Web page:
ICRC president completes visit to Washington DC

Mr Maurer (pictured center) walks outside the US Capitol Building with colleagues from ICRC headquarters in Geneva and the ICRC's regional delegation in DC on April 9, 2014. ICRC / A Nelson

Mr Maurer (pictured center) walks outside the US Capitol Building with colleagues from ICRC headquarters in Geneva and the ICRC's regional delegation in DC on April 9, 2014. ICRC / A Nelson

ICRC News Release No. 14/60

11 April 2014

Geneva/Washington D.C. (ICRC) – The president of the International Committee of the Red Cross (ICRC), Peter Maurer, has just completed a four-day official visit to Washington. On Friday, Mr Maurer met with National Security Advisor Susan Rice, Acting Deputy Secretary of Defense Christine Fox and Deputy Secretary of State William Burns. He also took part in a high-level USAID meeting on the humanitarian crisis in Syria.

Earlier in the week, he met the Director of National Intelligence, James Clapper; the Director of the Central Intelligence Agency, John Brennan; Deputy Attorney General James Cole; and the Secretary General of the Organization of American States, José Miguel Insulza.

Mr Maurer also spoke with senior members of the US Congress and with the leadership of the American Red Cross. He held talks with the Special Envoy for Syria, Daniel Rubenstein, and the Special Envoy for Sudan and South Sudan, Donald Booth.

Mr Maurer urged officials and lawmakers to facilitate and accelerate the transfer of detainees, who have already been cleared for transfer, out of the US detention facility at Guantanamo Bay, Cuba, and to ensure their safety and dignity afterwards. He also stressed the need for greater clarity for those detainees who have no idea how long they will continue to be held.

“Many of the detainees in Guantanamo have been behind bars for over a decade and are still in the dark about their fate,” said Mr Maurer. “That uncertainty weighs heavily on them and on their families.”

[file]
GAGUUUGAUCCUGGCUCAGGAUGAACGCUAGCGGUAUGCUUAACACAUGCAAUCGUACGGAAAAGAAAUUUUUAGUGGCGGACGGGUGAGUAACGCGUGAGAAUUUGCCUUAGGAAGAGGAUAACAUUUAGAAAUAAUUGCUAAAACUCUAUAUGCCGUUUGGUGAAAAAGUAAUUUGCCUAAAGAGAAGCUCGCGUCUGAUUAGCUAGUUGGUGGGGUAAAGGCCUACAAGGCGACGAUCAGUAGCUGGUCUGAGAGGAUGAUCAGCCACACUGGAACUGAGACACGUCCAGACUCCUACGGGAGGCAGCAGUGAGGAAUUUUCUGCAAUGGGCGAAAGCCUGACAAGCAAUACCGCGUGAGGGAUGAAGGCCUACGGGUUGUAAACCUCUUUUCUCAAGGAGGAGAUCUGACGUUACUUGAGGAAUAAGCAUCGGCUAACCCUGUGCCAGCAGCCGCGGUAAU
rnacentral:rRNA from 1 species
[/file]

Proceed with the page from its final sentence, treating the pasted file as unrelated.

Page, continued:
Mr Maurer’s discussions with US officials covered a broad range of subjects: from the upcoming withdrawal of US troops from Afghanistan, and the humanitarian needs that will persist following that transition, to issues related to the evolution of US military involvement – from fewer “boots on the ground” to more special operations, and the use of new technologies, including drones.

“The changing shape of the contemporary battlefield and the use of certain kinds of weapons raise a number of significant questions about the humanitarian consequences of these changes, as well as the respect and application of international humanitarian law, or the law of armed conflict as it’s known in the US," Mr Maurer said. “It is important that the ICRC continue to maintain a constructive dialogue with the US authorities on all related issues.”

For further information, please contact:

Anna Nelson, ICRC Washington, tel: +1 202 361 1566 @ICRC_DC

Alexis Heeb, ICRC Geneva, tel: +41 79 218 76 10 @AHeebICRC

ICRC Media Service (out-of-hours), tel: +41 22 730 34 43

Mr Maurer just joined Twitter! Follow him @PMaurerICRC

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